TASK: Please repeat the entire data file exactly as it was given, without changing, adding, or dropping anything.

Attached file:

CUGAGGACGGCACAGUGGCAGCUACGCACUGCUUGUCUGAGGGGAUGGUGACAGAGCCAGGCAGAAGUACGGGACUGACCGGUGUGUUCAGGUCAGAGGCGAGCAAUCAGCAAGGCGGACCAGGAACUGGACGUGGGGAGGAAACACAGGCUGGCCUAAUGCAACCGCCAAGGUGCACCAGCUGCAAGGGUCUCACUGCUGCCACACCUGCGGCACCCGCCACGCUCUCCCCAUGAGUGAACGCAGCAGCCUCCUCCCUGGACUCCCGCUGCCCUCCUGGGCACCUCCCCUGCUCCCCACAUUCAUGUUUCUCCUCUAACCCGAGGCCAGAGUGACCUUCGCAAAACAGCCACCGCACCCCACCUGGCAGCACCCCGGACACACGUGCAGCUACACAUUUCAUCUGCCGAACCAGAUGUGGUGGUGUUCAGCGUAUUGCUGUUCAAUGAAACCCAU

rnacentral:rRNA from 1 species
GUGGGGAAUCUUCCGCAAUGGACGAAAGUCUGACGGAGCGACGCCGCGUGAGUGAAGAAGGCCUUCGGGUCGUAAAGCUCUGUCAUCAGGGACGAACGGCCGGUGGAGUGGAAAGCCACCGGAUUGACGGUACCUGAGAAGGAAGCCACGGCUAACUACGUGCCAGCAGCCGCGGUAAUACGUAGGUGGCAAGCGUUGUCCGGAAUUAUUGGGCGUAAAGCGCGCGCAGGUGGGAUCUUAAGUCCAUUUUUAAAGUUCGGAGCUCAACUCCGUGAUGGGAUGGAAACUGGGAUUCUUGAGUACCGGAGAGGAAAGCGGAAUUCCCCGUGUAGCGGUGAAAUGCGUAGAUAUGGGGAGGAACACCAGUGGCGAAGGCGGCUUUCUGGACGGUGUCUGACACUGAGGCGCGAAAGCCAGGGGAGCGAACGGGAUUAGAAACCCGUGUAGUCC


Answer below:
CUGAGGACGGCACAGUGGCAGCUACGCACUGCUUGUCUGAGGGGAUGGUGACAGAGCCAGGCAGAAGUACGGGACUGACCGGUGUGUUCAGGUCAGAGGCGAGCAAUCAGCAAGGCGGACCAGGAACUGGACGUGGGGAGGAAACACAGGCUGGCCUAAUGCAACCGCCAAGGUGCACCAGCUGCAAGGGUCUCACUGCUGCCACACCUGCGGCACCCGCCACGCUCUCCCCAUGAGUGAACGCAGCAGCCUCCUCCCUGGACUCCCGCUGCCCUCCUGGGCACCUCCCCUGCUCCCCACAUUCAUGUUUCUCCUCUAACCCGAGGCCAGAGUGACCUUCGCAAAACAGCCACCGCACCCCACCUGGCAGCACCCCGGACACACGUGCAGCUACACAUUUCAUCUGCCGAACCAGAUGUGGUGGUGUUCAGCGUAUUGCUGUUCAAUGAAACCCAU

rnacentral:rRNA from 1 species
GUGGGGAAUCUUCCGCAAUGGACGAAAGUCUGACGGAGCGACGCCGCGUGAGUGAAGAAGGCCUUCGGGUCGUAAAGCUCUGUCAUCAGGGACGAACGGCCGGUGGAGUGGAAAGCCACCGGAUUGACGGUACCUGAGAAGGAAGCCACGGCUAACUACGUGCCAGCAGCCGCGGUAAUACGUAGGUGGCAAGCGUUGUCCGGAAUUAUUGGGCGUAAAGCGCGCGCAGGUGGGAUCUUAAGUCCAUUUUUAAAGUUCGGAGCUCAACUCCGUGAUGGGAUGGAAACUGGGAUUCUUGAGUACCGGAGAGGAAAGCGGAAUUCCCCGUGUAGCGGUGAAAUGCGUAGAUAUGGGGAGGAACACCAGUGGCGAAGGCGGCUUUCUGGACGGUGUCUGACACUGAGGCGCGAAAGCCAGGGGAGCGAACGGGAUUAGAAACCCGUGUAGUCC